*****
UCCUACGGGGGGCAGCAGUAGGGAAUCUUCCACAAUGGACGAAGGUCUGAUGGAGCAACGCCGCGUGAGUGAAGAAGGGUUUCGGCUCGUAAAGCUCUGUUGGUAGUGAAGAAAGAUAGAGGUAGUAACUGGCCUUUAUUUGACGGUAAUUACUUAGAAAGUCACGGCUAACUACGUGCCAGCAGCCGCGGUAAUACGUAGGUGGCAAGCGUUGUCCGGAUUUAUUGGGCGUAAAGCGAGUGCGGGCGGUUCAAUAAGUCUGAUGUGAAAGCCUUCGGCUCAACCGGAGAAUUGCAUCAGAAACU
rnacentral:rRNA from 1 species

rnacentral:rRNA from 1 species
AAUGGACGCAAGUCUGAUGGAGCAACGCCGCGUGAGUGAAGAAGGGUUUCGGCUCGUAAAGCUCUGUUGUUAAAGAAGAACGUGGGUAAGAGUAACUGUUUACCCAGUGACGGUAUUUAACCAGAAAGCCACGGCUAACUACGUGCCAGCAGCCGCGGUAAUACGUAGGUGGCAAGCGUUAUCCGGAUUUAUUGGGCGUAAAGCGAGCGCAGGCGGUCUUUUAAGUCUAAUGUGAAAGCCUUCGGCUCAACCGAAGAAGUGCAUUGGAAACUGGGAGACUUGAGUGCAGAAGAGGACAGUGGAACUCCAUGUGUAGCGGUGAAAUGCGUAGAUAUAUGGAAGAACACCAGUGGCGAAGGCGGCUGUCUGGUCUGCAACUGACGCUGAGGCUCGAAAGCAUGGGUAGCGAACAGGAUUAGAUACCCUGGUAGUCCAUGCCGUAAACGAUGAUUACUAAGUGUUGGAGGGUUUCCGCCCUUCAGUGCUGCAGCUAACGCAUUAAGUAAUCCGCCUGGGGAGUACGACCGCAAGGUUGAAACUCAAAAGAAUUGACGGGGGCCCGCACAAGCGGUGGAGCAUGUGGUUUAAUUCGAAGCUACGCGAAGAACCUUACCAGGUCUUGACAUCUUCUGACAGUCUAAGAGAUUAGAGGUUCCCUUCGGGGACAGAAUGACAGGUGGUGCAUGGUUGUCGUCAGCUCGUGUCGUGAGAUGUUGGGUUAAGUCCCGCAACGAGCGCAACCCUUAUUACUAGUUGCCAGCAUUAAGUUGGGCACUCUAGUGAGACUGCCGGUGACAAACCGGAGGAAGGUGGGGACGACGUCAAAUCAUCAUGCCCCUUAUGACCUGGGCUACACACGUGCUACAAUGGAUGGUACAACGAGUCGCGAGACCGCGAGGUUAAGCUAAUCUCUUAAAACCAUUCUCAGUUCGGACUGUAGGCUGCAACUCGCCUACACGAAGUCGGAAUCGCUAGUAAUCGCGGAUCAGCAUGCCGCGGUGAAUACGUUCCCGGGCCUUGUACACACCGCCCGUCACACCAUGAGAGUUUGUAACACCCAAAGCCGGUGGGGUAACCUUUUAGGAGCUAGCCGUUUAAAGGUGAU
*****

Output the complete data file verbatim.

UCCUACGGGGGGCAGCAGUAGGGAAUCUUCCACAAUGGACGAAGGUCUGAUGGAGCAACGCCGCGUGAGUGAAGAAGGGUUUCGGCUCGUAAAGCUCUGUUGGUAGUGAAGAAAGAUAGAGGUAGUAACUGGCCUUUAUUUGACGGUAAUUACUUAGAAAGUCACGGCUAACUACGUGCCAGCAGCCGCGGUAAUACGUAGGUGGCAAGCGUUGUCCGGAUUUAUUGGGCGUAAAGCGAGUGCGGGCGGUUCAAUAAGUCUGAUGUGAAAGCCUUCGGCUCAACCGGAGAAUUGCAUCAGAAACU
rnacentral:rRNA from 1 species

rnacentral:rRNA from 1 species
AAUGGACGCAAGUCUGAUGGAGCAACGCCGCGUGAGUGAAGAAGGGUUUCGGCUCGUAAAGCUCUGUUGUUAAAGAAGAACGUGGGUAAGAGUAACUGUUUACCCAGUGACGGUAUUUAACCAGAAAGCCACGGCUAACUACGUGCCAGCAGCCGCGGUAAUACGUAGGUGGCAAGCGUUAUCCGGAUUUAUUGGGCGUAAAGCGAGCGCAGGCGGUCUUUUAAGUCUAAUGUGAAAGCCUUCGGCUCAACCGAAGAAGUGCAUUGGAAACUGGGAGACUUGAGUGCAGAAGAGGACAGUGGAACUCCAUGUGUAGCGGUGAAAUGCGUAGAUAUAUGGAAGAACACCAGUGGCGAAGGCGGCUGUCUGGUCUGCAACUGACGCUGAGGCUCGAAAGCAUGGGUAGCGAACAGGAUUAGAUACCCUGGUAGUCCAUGCCGUAAACGAUGAUUACUAAGUGUUGGAGGGUUUCCGCCCUUCAGUGCUGCAGCUAACGCAUUAAGUAAUCCGCCUGGGGAGUACGACCGCAAGGUUGAAACUCAAAAGAAUUGACGGGGGCCCGCACAAGCGGUGGAGCAUGUGGUUUAAUUCGAAGCUACGCGAAGAACCUUACCAGGUCUUGACAUCUUCUGACAGUCUAAGAGAUUAGAGGUUCCCUUCGGGGACAGAAUGACAGGUGGUGCAUGGUUGUCGUCAGCUCGUGUCGUGAGAUGUUGGGUUAAGUCCCGCAACGAGCGCAACCCUUAUUACUAGUUGCCAGCAUUAAGUUGGGCACUCUAGUGAGACUGCCGGUGACAAACCGGAGGAAGGUGGGGACGACGUCAAAUCAUCAUGCCCCUUAUGACCUGGGCUACACACGUGCUACAAUGGAUGGUACAACGAGUCGCGAGACCGCGAGGUUAAGCUAAUCUCUUAAAACCAUUCUCAGUUCGGACUGUAGGCUGCAACUCGCCUACACGAAGUCGGAAUCGCUAGUAAUCGCGGAUCAGCAUGCCGCGGUGAAUACGUUCCCGGGCCUUGUACACACCGCCCGUCACACCAUGAGAGUUUGUAACACCCAAAGCCGGUGGGGUAACCUUUUAGGAGCUAGCCGUUUAAAGGUGAU